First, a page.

Transport union TSSA is today calling for the government to take over running vital ferry routes to safeguard trade and travel as well as sending the strongest message that Britain will not stand for bully boy P&O tactics – with TSSA General Secretary Manuel Cortes saying “hit them where it hurts”.
TSSA, which represents staff in other ferry companies including CalMac and Stena, is responding to shocking events which unfurled yesterday, Thursday 17 March. In unprecedented scenes, P&O staff were sacked with immediate effect via a pre-recorded video and attempts were then made to march them off their ships by security personnel while replacement agency crews waited on the dockside.
The actions have been widely condemned as illegal, including by Labour shadow transport secretary Louise Haigh in parliament yesterday. Transport Minister Robert Courts said she was “probably right”.
Manuel Cortes, TSSA general Secretary, said: “P&O are holding our country to ransom by halting vital ferry trade routes so they can illegally and immorally sack their staff. The Tory government must stand up to P&O bullies who are controlled by Sultan Ahmed bin Sulayem the owner of the company.
“The government should nationalise these vital ferry routes which allow people and goods to get to and from our country - P&O must be hit where it hurts!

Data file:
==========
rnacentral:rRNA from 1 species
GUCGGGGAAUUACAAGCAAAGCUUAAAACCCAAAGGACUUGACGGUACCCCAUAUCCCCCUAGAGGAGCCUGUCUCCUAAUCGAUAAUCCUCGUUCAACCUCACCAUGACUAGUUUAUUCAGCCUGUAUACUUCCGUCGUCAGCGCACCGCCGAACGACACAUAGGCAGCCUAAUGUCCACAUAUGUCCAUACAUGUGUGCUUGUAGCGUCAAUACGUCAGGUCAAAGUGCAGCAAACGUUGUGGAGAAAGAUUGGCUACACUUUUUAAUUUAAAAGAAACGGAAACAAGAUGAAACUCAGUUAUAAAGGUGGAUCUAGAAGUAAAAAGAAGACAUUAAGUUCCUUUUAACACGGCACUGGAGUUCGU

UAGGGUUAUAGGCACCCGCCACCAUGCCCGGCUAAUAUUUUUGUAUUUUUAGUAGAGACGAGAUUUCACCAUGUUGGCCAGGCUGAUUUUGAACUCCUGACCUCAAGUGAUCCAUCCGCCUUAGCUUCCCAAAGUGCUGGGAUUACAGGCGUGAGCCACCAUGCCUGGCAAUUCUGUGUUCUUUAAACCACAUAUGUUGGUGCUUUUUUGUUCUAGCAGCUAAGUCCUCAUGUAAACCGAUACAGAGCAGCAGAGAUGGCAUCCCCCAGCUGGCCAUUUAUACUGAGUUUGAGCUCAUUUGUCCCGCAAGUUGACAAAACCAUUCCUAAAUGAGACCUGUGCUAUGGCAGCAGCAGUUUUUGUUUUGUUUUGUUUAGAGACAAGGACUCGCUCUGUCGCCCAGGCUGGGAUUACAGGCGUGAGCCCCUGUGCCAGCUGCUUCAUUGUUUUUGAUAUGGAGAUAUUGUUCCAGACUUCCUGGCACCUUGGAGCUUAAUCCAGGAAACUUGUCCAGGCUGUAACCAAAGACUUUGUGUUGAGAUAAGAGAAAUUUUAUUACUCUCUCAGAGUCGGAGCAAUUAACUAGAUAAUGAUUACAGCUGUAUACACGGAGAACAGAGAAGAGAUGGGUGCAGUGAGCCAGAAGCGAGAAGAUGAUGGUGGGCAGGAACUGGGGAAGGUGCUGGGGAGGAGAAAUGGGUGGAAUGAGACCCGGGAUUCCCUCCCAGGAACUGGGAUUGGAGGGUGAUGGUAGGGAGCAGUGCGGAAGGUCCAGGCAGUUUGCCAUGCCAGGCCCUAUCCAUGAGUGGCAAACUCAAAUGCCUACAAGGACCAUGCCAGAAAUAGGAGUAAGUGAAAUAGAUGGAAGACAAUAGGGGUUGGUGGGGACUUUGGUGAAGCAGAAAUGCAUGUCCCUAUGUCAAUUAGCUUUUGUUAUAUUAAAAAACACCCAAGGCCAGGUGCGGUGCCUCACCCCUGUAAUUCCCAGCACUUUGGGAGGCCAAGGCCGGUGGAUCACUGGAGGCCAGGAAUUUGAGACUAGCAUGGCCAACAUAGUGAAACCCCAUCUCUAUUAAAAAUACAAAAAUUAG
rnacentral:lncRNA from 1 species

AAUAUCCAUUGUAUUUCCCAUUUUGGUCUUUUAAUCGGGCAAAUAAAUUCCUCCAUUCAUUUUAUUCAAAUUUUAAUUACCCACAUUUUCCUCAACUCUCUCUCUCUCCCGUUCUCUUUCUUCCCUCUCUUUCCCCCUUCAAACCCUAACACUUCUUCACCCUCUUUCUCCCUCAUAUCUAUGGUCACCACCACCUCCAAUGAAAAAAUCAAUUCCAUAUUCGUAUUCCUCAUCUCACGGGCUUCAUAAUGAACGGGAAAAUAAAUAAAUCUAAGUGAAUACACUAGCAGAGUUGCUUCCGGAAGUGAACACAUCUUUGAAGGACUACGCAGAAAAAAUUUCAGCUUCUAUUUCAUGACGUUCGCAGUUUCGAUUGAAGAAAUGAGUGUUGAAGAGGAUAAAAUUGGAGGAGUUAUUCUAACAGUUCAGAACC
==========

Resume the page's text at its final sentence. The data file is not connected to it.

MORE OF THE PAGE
“The Sultan living far away from our land has hardly got the best interests of our country or P&O's staff at its hearts. The government should simply take over the running of these routes - sequestrate the vessels if required - so that goods and people can continue to flow from and to our shores and also keep P&O's dedicated, hardworking and loyal staff in jobs.
“And the government must act to tighten our employment laws, enforcement and heavily increase the penalties that bosses who break them face. If what happened yesterday turns out to be legal then it’s imperative the law is changed so that it no longer is. Everyone is appalled at yesterday’s actions – they must not get away with it and it must never be allowed to happen again.”
Ferry routes were previously mostly in public ownership, being sold off under the Thatcher government along with many other transport operations and utilities.